With Defense Spending Likely to Rise, A Primer on How to Read the Numbers

By Chris Adams

Donald Trump campaigned on a pledge to boost U.S. military strength, which means the Department of Defense could see a big bump in its spending.

But how can reporters get their arms around that $600-plus billion behemoth known as the Pentagon budget?

Mackenzie Eaglen, a resident fellow at the Marilyn Ware Center for Security Studies at the American Enterprise Institute, talked with Paul Miller fellows about how to decode the defense budget. She started with the very definition of how much is actually being spent.

“You would have thought there were eight different defense budgets, because we all talk in different terms,” she said of the day the Trump administration released its fiscal 2018 budget framework.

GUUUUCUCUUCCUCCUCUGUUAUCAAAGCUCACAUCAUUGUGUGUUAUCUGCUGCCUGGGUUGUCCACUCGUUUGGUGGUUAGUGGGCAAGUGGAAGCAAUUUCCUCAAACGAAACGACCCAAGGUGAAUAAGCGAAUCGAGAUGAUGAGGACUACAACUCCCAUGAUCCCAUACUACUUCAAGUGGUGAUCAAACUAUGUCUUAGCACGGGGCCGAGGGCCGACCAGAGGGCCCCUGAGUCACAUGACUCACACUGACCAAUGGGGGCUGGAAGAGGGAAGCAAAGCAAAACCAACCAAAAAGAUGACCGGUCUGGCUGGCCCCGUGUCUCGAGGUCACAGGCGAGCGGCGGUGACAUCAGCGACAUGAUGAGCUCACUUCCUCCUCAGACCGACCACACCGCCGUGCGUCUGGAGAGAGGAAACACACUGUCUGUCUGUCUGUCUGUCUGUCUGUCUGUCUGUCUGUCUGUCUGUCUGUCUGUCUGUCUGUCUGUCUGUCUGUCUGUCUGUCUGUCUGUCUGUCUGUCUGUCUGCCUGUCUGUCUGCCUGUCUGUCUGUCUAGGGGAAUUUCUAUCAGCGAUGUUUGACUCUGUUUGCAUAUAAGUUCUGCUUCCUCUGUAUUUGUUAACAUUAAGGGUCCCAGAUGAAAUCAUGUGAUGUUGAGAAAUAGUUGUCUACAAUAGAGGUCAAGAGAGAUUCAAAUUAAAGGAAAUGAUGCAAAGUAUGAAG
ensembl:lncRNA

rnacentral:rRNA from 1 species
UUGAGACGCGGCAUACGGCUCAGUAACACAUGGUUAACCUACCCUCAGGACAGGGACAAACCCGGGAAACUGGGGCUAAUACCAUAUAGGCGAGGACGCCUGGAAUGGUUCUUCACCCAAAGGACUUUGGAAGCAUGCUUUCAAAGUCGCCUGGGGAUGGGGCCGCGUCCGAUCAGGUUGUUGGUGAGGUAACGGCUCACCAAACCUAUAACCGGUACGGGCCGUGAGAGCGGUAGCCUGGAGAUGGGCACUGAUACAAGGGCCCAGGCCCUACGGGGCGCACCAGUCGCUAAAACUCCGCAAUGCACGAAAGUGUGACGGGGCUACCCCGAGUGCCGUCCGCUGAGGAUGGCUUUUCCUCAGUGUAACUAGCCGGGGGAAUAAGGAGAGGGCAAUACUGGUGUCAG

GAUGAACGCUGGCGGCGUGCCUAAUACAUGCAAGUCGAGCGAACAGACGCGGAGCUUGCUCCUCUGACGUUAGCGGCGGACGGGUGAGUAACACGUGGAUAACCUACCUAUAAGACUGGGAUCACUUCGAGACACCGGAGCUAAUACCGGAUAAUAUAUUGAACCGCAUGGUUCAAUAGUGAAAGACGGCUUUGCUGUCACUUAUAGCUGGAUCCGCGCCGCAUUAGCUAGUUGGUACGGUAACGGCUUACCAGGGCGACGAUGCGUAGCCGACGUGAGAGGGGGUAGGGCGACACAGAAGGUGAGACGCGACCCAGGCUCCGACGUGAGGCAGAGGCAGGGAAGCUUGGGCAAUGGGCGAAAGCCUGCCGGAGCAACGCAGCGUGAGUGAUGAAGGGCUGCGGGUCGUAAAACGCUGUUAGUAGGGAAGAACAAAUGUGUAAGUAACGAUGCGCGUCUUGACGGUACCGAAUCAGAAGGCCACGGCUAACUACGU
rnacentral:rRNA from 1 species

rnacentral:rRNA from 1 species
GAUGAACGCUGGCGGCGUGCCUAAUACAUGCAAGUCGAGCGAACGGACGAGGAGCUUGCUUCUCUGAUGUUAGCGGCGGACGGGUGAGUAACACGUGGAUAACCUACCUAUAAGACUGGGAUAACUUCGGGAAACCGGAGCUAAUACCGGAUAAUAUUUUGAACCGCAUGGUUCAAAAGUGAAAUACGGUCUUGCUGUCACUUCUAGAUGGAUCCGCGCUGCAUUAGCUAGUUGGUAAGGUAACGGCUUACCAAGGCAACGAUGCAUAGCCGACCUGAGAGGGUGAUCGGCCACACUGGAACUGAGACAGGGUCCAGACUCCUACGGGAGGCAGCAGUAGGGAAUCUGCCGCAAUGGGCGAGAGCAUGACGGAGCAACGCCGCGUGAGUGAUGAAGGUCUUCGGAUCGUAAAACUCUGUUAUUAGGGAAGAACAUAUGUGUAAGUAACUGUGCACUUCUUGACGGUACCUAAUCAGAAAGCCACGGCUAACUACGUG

Eaglen went over the different budgetary baselines used when talking about military spending; some of the differences deal with whether atomic energy spending, overseas contingency operations or spending on veterans is included. The baseline she employs is “budget function 050” – but regardless of which one reporters use, they need to be consistent when making year-over-year comparisons.

Eaglen also detailed the Pentagon’s different spending pots – from personnel, to procurement of weapons, to research and development, to the operations and maintenance fund that covers daily operating costs.

And she compared the different budgets – President Barack Obama’s,  Trump’s, and an alternative one in Congress – and decribed the timeline under which Congress will debate and ultimately approve one.

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